Russia’s Winter Olympics officially got underway on the Black Sea coast with a burst of fireworks and a dazzling opening ceremony that President Vladimir Putin hoped would dispel fears of militant attacks and a row over gay rights.
Putin has staked his reputation on hosting a safe and successful Games in the resort town of Sochi, where a high-octane show before 40,000 spectators at the gleaming new Fisht Stadium signalled the start of the full sporting programme.
He was joined by leaders from China, Japan and about 40 other countries in a show of support despite an international outcry over Russia’s ‘gay propaganda’ law passed last year, which critics say curtails the rights of homosexuals.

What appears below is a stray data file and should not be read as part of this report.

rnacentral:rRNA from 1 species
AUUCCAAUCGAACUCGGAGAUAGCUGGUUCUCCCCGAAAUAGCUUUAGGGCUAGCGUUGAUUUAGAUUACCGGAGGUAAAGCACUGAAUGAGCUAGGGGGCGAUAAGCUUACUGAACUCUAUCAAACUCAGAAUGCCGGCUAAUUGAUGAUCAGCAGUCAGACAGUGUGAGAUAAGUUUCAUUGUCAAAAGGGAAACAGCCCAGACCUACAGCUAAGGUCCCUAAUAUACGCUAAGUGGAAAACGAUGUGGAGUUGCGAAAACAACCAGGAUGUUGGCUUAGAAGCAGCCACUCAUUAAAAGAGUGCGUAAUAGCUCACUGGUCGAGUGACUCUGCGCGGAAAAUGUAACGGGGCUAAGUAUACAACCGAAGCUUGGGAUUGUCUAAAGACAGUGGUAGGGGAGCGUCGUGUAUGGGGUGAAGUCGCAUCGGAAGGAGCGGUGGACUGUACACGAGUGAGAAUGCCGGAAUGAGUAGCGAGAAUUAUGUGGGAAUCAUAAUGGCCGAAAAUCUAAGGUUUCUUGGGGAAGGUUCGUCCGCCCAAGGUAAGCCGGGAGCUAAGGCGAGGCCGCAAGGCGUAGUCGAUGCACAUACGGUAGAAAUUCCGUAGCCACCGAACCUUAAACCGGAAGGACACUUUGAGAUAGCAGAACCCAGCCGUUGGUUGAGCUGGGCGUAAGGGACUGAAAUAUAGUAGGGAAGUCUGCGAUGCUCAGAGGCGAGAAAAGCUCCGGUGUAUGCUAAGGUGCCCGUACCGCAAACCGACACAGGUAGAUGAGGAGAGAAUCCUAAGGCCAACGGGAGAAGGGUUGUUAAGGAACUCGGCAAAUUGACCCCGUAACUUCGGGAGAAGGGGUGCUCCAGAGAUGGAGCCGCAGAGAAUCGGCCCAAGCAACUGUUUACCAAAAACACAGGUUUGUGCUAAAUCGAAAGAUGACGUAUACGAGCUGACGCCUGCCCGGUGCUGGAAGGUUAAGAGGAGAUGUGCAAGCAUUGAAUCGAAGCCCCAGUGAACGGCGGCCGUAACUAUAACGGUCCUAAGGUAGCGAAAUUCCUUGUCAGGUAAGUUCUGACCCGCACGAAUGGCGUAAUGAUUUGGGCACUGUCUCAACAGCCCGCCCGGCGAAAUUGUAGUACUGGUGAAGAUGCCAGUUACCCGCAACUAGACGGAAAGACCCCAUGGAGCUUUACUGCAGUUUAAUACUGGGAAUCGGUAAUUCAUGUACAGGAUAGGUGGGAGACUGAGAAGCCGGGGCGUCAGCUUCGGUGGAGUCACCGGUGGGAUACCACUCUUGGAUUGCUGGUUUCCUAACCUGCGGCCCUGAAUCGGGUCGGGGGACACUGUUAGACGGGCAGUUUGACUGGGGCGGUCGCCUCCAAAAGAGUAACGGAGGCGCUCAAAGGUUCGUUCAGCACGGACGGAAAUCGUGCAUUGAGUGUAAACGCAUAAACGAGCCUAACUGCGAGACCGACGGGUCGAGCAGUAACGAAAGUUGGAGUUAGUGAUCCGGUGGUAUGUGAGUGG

Despite grumblings about poor accommodation and tight security, the mood among competitors and officials after a handful of early qualifying events in Sochi and at the mountain base 40 km to the northeast was upbeat.
“Conditions offered to the athletes are absolutely outstanding,” said French Olympic Committee president Denis Masseglia on a clear, crisp day.
Around 37,000 security personnel are on high alert over threats to attack the Games, the most expensive ever staged at an estimated cost of $50bn.
There was a glitch at the ceremony, too, as the lighting of the five Olympic Rings overshadowed the singing of the Russian national anthem. Five stars on cables drifted together above the stadium, and four of them turned into Olympic rings – but the fifth never unfurled and they all failed to erupt into white flames as planned, marring what’s traditionally a key moment in the ceremony.